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Monday, April 11, 2016

After Police Kill Homeless Man, Mayor Ed Lee Declares War On Homeless Camps

Posted By on Mon, Apr 11, 2016 at 4:01 PM

click to enlarge Fenced off. - SF WEEKLY FILE PHOTO
  • SF Weekly file photo
  • Fenced off.
Metal temporary fencing, the kind used by police to barricade crowds during a parade or a protest, now blocks part of the sidewalk along 13th Street underneath the US-101 freeway overpass. The temporary fencing is there indefinitely, a semi-permanent improvement to keep Tent City — the sprawling homeless encampment of as many as 250 souls that coalesced under the freeway during the Super Bowl — from returning.

The fence has worked. Tents have not returned to Division Street. Instead, tents have sprung up on Folsom Street and other residential blocks of the Mission. Tents have also sprung up on Shotwell Street, where San Francisco police officers shot and killed 45-year-old Luis Gongora, a tent resident who they say threatened them with a kitchen knife.

Since Gongora's death, Mayor Ed Lee has called for all of the city's homeless encampments to be dismantled and taken away, and the residents offered shelter — even though there is nowhere near capacity in the city's shelter system to house everyone currently sleeping outside in a tent. So in demand are the tents that a friend of Gongora's moved into his tent within a day of his death, as the Guardian reported.

Was it the camps that killed Gongora? It doesn't matter, as San Francisco is now setting out to kill the camps. Metal fencing may be coming to a neighborhood sidewalk near you.
MIKE KOOZMIN/SF EXAMINER
  • Mike Koozmin/SF Examiner
The overpass Tent City was dismantled after it was declared a public health hazard (even though several deadlines to vacate the area passed before the tents were removed forcibly by Public Works crews). 

As Lee announced via the Chronicle's Matier & Ross, he plans to declare each camp in the city a health hazard — but only after shelter beds become available, and only after working with other city officials to determine "hot spots." (There were only 20 beds available at the new shelter at Pier 80, according to the Chronicle.)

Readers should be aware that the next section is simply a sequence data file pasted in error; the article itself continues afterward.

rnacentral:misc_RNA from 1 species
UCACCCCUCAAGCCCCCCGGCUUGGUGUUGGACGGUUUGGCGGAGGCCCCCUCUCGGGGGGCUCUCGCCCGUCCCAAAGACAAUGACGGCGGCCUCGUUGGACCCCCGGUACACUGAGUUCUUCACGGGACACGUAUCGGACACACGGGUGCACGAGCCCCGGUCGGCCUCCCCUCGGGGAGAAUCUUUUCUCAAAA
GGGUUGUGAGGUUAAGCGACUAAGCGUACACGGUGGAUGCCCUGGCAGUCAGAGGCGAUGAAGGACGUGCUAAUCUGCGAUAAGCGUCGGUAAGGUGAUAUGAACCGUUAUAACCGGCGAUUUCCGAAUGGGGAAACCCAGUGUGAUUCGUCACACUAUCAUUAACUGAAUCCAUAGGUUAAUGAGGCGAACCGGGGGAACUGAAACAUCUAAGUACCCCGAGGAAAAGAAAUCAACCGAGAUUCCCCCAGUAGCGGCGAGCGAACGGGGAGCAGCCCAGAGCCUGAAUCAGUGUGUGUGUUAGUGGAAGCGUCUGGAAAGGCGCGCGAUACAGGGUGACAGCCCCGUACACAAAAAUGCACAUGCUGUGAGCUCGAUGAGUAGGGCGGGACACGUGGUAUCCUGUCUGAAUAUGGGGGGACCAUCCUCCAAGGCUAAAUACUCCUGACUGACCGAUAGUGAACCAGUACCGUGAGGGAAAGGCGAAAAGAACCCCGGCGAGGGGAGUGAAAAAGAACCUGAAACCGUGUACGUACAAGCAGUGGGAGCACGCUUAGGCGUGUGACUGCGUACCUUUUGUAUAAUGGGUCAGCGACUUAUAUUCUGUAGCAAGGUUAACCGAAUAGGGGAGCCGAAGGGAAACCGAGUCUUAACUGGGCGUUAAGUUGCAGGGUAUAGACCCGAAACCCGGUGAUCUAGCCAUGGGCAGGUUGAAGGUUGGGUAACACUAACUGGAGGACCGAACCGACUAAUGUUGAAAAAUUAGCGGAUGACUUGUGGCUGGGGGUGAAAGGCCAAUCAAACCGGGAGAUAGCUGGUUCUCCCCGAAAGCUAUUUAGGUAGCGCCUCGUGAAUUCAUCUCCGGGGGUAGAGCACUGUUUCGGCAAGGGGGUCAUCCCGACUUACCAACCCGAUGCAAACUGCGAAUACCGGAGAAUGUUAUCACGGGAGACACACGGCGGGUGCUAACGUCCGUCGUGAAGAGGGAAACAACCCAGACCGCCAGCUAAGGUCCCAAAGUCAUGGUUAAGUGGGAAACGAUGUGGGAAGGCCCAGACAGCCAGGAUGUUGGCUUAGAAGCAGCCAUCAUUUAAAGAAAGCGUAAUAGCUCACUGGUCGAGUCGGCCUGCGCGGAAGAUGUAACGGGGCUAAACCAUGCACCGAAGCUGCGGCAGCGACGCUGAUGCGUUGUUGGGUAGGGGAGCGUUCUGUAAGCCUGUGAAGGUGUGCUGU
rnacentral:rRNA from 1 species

Lee says he will "not compromise" on the camps' existence. First to go will be the Shotwell camp where Gongora died after a brief encounter with law enforcement — and where someone else was sleeping in the dead man's tent a day after the shooting.
Lee is in a tough spot. It's not his fault there have been nearly 7,000 people on San Francisco's streets for a decade. Homelessness has been an ill plaguing late American capitalism long before Lee became a politician.  

And homelessness has never been this bad for so many people. Despite the city spending $241 million on its homeless problem, according to some metrics, homelessness and street people are now chief concerns for many workaday citizens. The mayor must clearly do something.

But it's all a performance of sorts. Solving homelessness is an impossible equation — a real-life Kobayashi Maru. Like drug dealers, if you clear the streets today, someone else will be back there tomorrow.

Still, it's disheartening that the self-proclaimed city of innovation can't come up with answer beyond "clear them out, and make sure they don't come back." 

That "worked" for Division Street, which — while better than a row of tents, garbage, and human waste — is now a blocked-off sidewalk with metal fencing. Shotwell Street appears to be next for the fence treatment. 

The city deserves credit for some practical solutions. Faced with mounting complaints of human waste on the street, the city wheeled in portable toilets. Turns out people generally only shit on the street when they have nowhere else to go. And San Francisco currently has nowhere for its tent citizens to go. But we do have plenty of fencing.


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About The Author

Chris Roberts

Bio:
Chris Roberts has spent most of his adult life working in San Francisco news media, which is to say he's still a teenager in Middle American years. He has covered marijuana, drug policy, and politics for SF Weekly since 2009.

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